Final Fantasy Fables: Chocobo Tales DS Review - 13/02/2008

Well, as we all know, Square Enix make some of the best games you can get on almost every console live and dead. So a new Final Fantasy series designed from the ground up for the DS sounds like a complete and utter gamer's dream...well, yes and no!

Of course, this is Final Fantasy so there is always going to be an amazing storyline to follow, which is very true in this case, perhaps more than most. The story follows a Chocobo, and you have his quest to save his friends and his world from the evil clutches of Bebuzzu. Bebuzzu is a Darkmaster, who was sealed in a magical book long ago, but one day, your friend, Croma, who is a Black Mage, accidentally started a reaction that began to release the Darkmaster from this literary prison. As the book is a portal between the world that our hero lives in and the dimension that Bebuzzu was sent to, all of your Chocobo friends are sucked into the book and thus trapped in Bebuzzu's dimension. This is where your quest starts: your mission is to save all your friends and return Bebuzzu to the book before the evil Irma and her gang of black Chocobos called the Jail Birds succeed in freeing him.

The gameplay is extremely simple in design: the game is basically made up of short mini-games that are put together to make the entire adventure. Each mini-game is hidden in a storybook and these storybooks contain fairy tales that are based on real-world lore just adapted for the Final Fantasy universe. In between each mini-game there are two other gameplay elements. These are RPG exploration and card battles, which are well rolled into the story of the game and never seem to feel out of place.

You've got to love those cute Chocobos.

The mini-games are designed for the DS and for use with its particular features, for example there is a game where you need to help a mouse who is tied to a balloon to reach some cheese that is floating above it, to do this you need to blow into the microphone. This sends the mouse to in to the air and it is able to get the cheese by floating into it. All the mini-games are amazing fun to play and never seem to make you feel frustrated or overworked, which is a brilliant balance.

The exploration is conducted via the touch screen where you guide your Chocobo around a 3D world by touching and holding the stylus to that point. Unfortunately this is pretty much the end of the RPG element in the game except for within the card game components. In the card games you have to collect cards from around the game world to create a more powerful deck. These cards have summoning monsters from the Final Fantasy universe sealed inside them. So what the player has to do is compete in timed bouts against an array of opponents to proceed in the game. Basically the cards are from one of four elements: Earth, Fire, Water and Thunder. These elements each have a weakness to one of the other elements so Fire is defeated by Water etc. So the idea is to defeat your opponent by defeating their cards, thus damaging their HP.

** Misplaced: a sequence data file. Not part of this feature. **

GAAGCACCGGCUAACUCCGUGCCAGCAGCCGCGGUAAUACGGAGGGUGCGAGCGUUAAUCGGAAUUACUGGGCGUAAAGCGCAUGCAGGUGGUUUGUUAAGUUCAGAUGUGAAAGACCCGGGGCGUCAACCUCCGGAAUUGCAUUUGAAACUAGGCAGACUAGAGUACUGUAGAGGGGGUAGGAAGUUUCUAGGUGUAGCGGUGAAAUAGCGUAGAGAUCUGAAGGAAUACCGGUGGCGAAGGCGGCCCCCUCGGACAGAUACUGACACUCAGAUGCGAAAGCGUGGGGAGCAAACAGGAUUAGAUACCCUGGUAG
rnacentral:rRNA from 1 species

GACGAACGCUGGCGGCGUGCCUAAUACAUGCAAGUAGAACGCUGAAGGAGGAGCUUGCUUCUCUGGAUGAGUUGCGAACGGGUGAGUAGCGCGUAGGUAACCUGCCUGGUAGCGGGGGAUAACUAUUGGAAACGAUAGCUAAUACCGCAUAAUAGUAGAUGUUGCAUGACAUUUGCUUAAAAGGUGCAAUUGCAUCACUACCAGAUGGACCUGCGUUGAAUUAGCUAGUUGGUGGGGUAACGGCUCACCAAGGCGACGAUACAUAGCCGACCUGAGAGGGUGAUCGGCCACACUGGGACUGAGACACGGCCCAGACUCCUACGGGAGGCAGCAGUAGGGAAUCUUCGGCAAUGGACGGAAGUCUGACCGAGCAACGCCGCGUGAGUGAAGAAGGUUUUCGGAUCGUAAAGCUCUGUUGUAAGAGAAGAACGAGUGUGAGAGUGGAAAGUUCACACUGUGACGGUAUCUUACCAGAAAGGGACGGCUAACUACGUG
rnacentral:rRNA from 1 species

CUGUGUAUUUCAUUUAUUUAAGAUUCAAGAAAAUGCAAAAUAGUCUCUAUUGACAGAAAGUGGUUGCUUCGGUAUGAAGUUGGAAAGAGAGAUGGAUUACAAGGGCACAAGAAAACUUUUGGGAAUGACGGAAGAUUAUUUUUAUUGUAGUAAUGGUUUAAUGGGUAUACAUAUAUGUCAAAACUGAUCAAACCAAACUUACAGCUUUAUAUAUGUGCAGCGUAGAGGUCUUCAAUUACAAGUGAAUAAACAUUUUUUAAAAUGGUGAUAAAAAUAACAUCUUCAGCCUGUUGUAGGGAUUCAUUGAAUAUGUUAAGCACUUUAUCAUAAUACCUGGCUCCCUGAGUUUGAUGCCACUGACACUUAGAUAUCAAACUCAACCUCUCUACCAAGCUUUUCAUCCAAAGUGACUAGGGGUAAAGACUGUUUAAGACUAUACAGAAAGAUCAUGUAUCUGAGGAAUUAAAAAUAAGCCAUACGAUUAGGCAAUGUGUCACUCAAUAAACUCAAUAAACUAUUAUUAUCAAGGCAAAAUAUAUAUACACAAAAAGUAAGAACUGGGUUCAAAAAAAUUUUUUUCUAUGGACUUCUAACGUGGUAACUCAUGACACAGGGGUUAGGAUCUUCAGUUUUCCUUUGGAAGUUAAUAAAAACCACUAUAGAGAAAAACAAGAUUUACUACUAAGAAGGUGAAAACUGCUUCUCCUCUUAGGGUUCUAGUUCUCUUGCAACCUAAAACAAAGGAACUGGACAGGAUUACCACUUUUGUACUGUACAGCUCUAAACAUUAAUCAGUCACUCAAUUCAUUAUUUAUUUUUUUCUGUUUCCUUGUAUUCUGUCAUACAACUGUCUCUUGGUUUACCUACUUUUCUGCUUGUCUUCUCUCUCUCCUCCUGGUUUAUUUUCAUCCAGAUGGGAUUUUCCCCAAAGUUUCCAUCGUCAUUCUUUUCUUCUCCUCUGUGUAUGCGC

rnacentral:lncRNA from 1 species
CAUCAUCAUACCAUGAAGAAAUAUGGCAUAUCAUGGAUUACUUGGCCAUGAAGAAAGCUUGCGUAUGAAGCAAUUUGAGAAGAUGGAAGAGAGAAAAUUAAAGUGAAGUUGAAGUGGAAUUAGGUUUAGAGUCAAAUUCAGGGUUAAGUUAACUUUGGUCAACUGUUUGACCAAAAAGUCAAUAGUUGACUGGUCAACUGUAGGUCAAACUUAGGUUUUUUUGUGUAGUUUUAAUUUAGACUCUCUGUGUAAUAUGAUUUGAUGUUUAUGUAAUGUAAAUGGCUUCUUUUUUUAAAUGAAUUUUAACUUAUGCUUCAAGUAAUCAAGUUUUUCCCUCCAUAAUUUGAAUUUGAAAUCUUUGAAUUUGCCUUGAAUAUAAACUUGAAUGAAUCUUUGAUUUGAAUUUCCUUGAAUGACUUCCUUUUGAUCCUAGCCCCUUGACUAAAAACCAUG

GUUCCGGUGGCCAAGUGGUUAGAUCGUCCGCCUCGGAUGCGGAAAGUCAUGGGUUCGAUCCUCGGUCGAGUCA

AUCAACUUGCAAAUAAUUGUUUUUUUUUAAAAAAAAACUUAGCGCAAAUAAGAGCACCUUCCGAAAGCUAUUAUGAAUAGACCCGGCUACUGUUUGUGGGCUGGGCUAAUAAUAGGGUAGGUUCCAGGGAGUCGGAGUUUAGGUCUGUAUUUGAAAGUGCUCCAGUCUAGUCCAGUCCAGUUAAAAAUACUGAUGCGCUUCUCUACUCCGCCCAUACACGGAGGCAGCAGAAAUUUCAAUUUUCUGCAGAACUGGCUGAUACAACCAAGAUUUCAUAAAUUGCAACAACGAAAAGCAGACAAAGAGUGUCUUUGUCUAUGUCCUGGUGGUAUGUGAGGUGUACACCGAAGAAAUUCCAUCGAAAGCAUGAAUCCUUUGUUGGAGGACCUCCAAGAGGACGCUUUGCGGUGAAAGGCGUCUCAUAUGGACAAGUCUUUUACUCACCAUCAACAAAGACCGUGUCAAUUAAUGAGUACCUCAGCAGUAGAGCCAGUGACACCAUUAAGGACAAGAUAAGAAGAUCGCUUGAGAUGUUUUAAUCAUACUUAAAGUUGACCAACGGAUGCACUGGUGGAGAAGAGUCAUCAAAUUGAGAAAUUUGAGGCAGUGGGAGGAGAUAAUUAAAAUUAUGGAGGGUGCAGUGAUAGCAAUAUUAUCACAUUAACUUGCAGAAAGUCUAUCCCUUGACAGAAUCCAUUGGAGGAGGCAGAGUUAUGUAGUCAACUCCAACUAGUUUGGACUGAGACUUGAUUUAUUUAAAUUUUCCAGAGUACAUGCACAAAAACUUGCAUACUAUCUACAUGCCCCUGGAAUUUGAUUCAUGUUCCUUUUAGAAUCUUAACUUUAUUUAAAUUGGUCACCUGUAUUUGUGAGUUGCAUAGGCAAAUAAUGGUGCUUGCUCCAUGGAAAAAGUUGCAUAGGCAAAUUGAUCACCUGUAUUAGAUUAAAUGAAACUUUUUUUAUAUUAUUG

The mini-games are great for pick-up-and-play action.

As you can imagine Square has produced some of the most awesome graphics that the DS has been capable of so far. Although it is more of a cartoony-style than that of some of the DS games, things are really excellent. The world is completely rendered in 3D, which makes every section of the game world stand out. The same care has been taken over the characters who even though all are Chocobo in design, each one has slight changes that make them unique, making the game even more special. Unfortunately the same cannot be said for the sound in the game, it is really a shame. Sure there are the trademark FF themes at the end of battles and the like, but there is no spoken dialogue at all, which really would have helped with the engrossment into the story. Still there are some very nice tunes to hum along to during the mini-games.

Well, what can I say that I have not already said? Chocobo Tales is a magical tour of the Final Fantasy universe from a completely different perspective. The unique gameplay and wonderful charms of this game will win over even the hardest of hearts; it is just plain, good fun and nothing more. Well... maybe a moral or two for the kids!

- Alec Hilton